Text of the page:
St Joseph’s University student embraces her time as a medical intern in Sri Lanka
Twenty-two-year-old Lena Finucane, a recent graduate from St. Joseph’s University, decided to participate in Care and Medical Projects in Sri Lanka with Projects Abroad for two months. “I wanted to see how medicine is practiced in another country while helping people. Sri Lanka stood out as I have been there in my childhood,” she stated.
“I was placed initially at Dutch Anne Pre-school with around 25 kids from the Tsunami Village. I helped the kids with the different classroom exercises, assisted the teachers, and played with the children. The kids were really cute and I liked them so much. I had not worked with the kids before, so this experience was unforgettable,” said Lena about her care placement.
She then moved on to Panadura Base Hospital for her medical placement.
“At the hospital I was able to work closely with the patients. I was basically shadowing the doctors during ward rounds and helping out the people in the hospital,” she said. “Working in the hospital made me realize how excited I am to become a nurse and help patients back in the states.”
“Apart from the experience, I have gained knowledge on the health care system in Sri Lanka and some tropical diseases which I got to know at the hospital. This overall experience will surely be helpful when I begin working as a nurse in the states,”Lena stated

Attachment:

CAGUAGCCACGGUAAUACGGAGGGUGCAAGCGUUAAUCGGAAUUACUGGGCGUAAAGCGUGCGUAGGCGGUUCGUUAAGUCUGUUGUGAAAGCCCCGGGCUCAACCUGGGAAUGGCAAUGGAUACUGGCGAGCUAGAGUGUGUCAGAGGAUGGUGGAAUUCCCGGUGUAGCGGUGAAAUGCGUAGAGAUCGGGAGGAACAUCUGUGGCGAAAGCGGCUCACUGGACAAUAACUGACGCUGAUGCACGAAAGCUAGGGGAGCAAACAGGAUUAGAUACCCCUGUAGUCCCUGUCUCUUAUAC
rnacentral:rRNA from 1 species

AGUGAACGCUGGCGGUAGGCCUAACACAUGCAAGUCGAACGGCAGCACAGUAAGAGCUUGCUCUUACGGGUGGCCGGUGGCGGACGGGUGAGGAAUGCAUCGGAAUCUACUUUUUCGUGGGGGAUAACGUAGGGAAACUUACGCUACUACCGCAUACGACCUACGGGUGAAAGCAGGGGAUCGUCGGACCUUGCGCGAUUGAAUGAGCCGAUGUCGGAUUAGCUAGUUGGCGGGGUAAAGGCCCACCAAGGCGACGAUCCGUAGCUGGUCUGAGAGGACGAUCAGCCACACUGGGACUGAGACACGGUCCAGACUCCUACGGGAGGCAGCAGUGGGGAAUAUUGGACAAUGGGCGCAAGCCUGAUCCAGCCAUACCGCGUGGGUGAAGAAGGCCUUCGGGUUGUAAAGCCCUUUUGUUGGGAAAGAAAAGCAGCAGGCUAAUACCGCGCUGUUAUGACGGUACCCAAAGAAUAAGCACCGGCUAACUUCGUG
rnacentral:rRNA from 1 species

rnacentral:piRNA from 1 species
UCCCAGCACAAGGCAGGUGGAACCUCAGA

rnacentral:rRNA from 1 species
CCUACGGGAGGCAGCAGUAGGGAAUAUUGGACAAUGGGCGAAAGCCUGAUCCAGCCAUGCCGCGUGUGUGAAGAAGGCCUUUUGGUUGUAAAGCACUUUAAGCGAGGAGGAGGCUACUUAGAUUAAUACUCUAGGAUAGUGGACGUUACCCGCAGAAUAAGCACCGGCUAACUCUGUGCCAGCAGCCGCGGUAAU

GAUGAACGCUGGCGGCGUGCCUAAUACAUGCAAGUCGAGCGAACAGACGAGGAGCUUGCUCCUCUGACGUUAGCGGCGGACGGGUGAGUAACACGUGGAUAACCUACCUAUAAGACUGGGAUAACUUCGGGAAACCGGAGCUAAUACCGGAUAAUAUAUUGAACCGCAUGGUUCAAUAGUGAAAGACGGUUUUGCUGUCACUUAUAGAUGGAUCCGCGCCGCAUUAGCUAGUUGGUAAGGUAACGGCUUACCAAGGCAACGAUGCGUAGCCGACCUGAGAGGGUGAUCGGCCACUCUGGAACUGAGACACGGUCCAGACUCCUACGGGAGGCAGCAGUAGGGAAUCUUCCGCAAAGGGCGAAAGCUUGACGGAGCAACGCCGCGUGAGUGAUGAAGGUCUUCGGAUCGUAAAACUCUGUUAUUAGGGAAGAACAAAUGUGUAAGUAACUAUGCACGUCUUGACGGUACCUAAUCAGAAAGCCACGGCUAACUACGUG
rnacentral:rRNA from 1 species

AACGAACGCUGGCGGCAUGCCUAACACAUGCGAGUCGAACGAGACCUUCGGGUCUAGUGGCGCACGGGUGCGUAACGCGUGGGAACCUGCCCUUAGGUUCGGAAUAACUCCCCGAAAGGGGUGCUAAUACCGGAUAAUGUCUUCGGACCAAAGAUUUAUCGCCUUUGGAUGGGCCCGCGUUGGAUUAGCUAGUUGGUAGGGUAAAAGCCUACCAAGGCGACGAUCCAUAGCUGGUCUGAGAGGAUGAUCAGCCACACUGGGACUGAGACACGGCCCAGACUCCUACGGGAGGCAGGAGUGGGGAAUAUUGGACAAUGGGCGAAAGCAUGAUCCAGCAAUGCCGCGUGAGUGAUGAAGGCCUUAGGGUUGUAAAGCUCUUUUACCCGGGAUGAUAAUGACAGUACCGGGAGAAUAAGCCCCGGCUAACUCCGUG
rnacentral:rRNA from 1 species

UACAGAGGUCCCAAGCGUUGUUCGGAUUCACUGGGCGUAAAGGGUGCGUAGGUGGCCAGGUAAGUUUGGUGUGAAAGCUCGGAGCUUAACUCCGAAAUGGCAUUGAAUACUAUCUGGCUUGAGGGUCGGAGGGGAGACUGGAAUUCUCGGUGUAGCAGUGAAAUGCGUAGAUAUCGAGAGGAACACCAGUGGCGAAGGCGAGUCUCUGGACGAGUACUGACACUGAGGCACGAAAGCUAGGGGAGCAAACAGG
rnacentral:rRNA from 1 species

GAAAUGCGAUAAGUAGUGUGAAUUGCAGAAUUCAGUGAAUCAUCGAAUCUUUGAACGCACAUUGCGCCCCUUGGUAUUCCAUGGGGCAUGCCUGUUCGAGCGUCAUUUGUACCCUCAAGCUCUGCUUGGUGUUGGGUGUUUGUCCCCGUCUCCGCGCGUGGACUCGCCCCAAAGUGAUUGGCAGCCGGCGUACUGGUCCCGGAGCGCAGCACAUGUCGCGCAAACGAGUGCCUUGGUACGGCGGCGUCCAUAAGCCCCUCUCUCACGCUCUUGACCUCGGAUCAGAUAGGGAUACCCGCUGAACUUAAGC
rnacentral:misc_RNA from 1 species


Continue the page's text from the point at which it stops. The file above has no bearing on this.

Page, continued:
Apart from the usual work at the placements, Lena also participated in several medical camps and medical awareness programs organized by Projects Abroad. “At the medical camps I had the opportunity to check the blood sugar levels and blood pressure of the patients. I could interact with so many patients within a single day. At the medical awareness programs, we talked and role played about avoidable diseases such as diabetes and high blood pressure with Sri Lankan school kids.”
Talking about the cultural differences, she said, “I am happy that I could adapt so well to some of the conditions and live with modest facilities. I like the simple life style in Sri Lanka.”
“Don’t be surprised to see cows on the road and random people coming up to you to ask where you are from; Sri Lankan people are inquisitive yet so friendly. I noticed people eat with their hands instead of spoons and forks. I also liked the fruit and coconut stalls along the roads in Sri Lanka,” Lena added.
To future volunteers, she advises them to come with an open mind, “Time goes by in Sri Lanka so quickly; you should be open to anything. Apart from the usual work, I enjoyed traveling around the country; Sri Lanka has so many places to visit. So take your chances and enjoy your life.”